Watch Where You Step

This morning I went into Gal Smiley’s room to change her sheets.

An hour later I managed to hack my way out, having done the bare minimum of tidying required to beat my way through the jungle of her room to get to her bed, then down to the sheets underneath all the junk, then back out again. Ugh.

When I was an idealistic, pre-kids adult, I had a teenaged cousin whose room was like this. There was a foot-deep pile of dirty clothes all over her floor at all times and you could barely open the door to get in there – and it was a large room. It fascinated me, because my mother never would have let me get away with that, and also I shared a very small room with my older sister. After two beds and two dressers and a laundry hamper, there was barely three square feet of floor space – if I dropped one sweatshirt that would have covered the whole area.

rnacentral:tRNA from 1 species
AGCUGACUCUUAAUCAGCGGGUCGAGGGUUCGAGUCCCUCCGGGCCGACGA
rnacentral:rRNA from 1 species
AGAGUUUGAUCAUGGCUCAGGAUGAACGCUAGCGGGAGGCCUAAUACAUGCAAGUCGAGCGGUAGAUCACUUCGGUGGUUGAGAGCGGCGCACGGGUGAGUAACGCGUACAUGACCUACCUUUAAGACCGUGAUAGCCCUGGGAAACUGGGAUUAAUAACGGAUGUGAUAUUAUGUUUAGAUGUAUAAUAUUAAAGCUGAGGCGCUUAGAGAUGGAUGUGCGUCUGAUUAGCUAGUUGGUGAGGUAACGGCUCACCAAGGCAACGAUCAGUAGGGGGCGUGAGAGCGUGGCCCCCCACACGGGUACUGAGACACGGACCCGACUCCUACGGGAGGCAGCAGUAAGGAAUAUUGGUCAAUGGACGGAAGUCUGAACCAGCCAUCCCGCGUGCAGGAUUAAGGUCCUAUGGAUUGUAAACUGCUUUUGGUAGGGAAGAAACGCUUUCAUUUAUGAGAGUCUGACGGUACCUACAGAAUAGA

So of course, like all idealistic, pre-kids adults, I was all, “Oh, I’d never let my kid do that.”

And now I am eating my words, OF COURSE, and they are salty and bitter. Ugh.

The Captain isn’t so bad. He has the biggest room and he’s a tidy guy in general with a healthy respect for all household processes. Plus, he doesn’t really spend any time in his room except to sleep.

The girls are both terrible, though. At least our youngest is a relatively clean person – she does tidy up things like used tissues and dirty clothes – but she always has at least three major craft projects on the go at any time, splayed all over her floor, plus a hundred stuffed animals who are, no doubt, joining in like the shoemaker’s elves.

My middle daughter is the slob, and I really hate to use that word, because it seems like such a label and the kind of thing that will we will have shrieking matches over in about six months’ time. But really, her room is just gross. I was just in there for an hour and there were dirty socks and tissues all over, discarded dirty clothes freely mixing with the not-put-away clean clothes from last week all over the floor, dust balls in the corner where piles of half-broken toys and odd little scraps of paper have piled up. UGH.

It’s going to have to come to a head, I’m afraid.